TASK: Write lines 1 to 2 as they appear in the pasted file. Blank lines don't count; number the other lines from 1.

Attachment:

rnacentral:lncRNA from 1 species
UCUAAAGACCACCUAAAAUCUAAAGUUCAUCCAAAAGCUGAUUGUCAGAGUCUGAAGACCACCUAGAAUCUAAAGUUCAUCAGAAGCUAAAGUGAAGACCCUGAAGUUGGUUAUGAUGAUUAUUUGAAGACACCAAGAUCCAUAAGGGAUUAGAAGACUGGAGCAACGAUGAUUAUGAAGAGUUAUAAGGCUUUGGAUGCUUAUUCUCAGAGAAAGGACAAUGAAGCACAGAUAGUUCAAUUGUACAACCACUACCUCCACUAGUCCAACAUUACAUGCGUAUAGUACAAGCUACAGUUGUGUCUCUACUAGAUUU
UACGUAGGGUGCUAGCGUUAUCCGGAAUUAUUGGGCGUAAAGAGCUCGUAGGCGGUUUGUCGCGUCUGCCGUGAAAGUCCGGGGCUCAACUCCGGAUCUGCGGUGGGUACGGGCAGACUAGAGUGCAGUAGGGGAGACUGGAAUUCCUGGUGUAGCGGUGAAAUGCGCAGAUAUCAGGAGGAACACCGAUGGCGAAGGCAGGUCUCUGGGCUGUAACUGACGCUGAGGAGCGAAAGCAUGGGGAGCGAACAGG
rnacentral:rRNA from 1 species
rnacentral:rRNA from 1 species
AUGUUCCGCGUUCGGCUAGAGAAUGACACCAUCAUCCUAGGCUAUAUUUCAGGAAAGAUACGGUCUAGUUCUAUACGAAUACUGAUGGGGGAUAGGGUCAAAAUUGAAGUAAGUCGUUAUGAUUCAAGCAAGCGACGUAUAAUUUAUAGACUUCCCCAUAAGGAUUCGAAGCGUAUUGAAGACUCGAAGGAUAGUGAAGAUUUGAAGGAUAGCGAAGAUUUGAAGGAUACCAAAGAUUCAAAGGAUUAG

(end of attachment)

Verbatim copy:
rnacentral:lncRNA from 1 species
UCUAAAGACCACCUAAAAUCUAAAGUUCAUCCAAAAGCUGAUUGUCAGAGUCUGAAGACCACCUAGAAUCUAAAGUUCAUCAGAAGCUAAAGUGAAGACCCUGAAGUUGGUUAUGAUGAUUAUUUGAAGACACCAAGAUCCAUAAGGGAUUAGAAGACUGGAGCAACGAUGAUUAUGAAGAGUUAUAAGGCUUUGGAUGCUUAUUCUCAGAGAAAGGACAAUGAAGCACAGAUAGUUCAAUUGUACAACCACUACCUCCACUAGUCCAACAUUACAUGCGUAUAGUACAAGCUACAGUUGUGUCUCUACUAGAUUU